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Surface Forces: The Chinese Threat
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December 20, 2009: The U.S. Navy is looking for a sufficiently impressive foe to help scare more money out of Congress. The Chinese Navy (or, more correctly, the Chinese Peoples Liberation Army Navy) is now the favorites candidate, for navy and defense industry analysts, to become the new Big Bad. Just how dangerous are these Chinese sailors and their ships? It turns out that, on closer inspection, not very.

 This is the sort of thing that what went on during the Cold War. Russian military prowess was hyped by American the military, and their defense suppliers, to justify further increases in defense spending. When the Cold War ended, it was revealed how the Russian military, and defense manufacturers, plaid the same game. It also revealed that Russian military capabilities were far less than the hype indicated.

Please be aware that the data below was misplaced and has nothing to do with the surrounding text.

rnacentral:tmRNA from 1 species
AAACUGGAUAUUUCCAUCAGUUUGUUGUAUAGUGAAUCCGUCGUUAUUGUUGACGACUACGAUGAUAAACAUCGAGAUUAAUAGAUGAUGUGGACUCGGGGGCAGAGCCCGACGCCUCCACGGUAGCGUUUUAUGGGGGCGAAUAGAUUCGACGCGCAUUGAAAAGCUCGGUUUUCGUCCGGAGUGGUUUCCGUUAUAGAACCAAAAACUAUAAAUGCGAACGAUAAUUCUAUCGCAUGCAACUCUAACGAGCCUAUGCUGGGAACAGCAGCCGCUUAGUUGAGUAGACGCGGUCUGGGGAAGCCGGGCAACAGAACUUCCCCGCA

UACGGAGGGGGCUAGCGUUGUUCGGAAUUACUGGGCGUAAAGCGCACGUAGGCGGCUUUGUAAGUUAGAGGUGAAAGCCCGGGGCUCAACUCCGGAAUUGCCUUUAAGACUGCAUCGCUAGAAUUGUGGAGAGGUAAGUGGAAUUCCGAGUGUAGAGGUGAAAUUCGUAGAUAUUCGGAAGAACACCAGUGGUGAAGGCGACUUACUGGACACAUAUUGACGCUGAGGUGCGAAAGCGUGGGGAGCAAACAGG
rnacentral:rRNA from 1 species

The basic weapon for this sort of thing is FUD (Fear, Uncertainty and Doubt). Works every time, although it is difficult to pitch the Chinese navy as a crack force. Most of their ships are elderly, poorly designed and rarely used. Their nuclear subs are worse than the first generation of Russian nukes back in the 1960s. The most modern Chinese ships are Russian made, Cold War era models. Chinese ships don't go to sea much, not just because it's expensive, but because Chinese ships tend to get involved in nasty incidents. Like the submarine that killed its crew when the boat submerged (and the diesel engines did not shut down when the batteries kicked in, thus using up all the oxygen.) Breakdowns are more common, as well as a lot of accidents you don't hear about (weapons and equipment malfunctions that kill and maim.)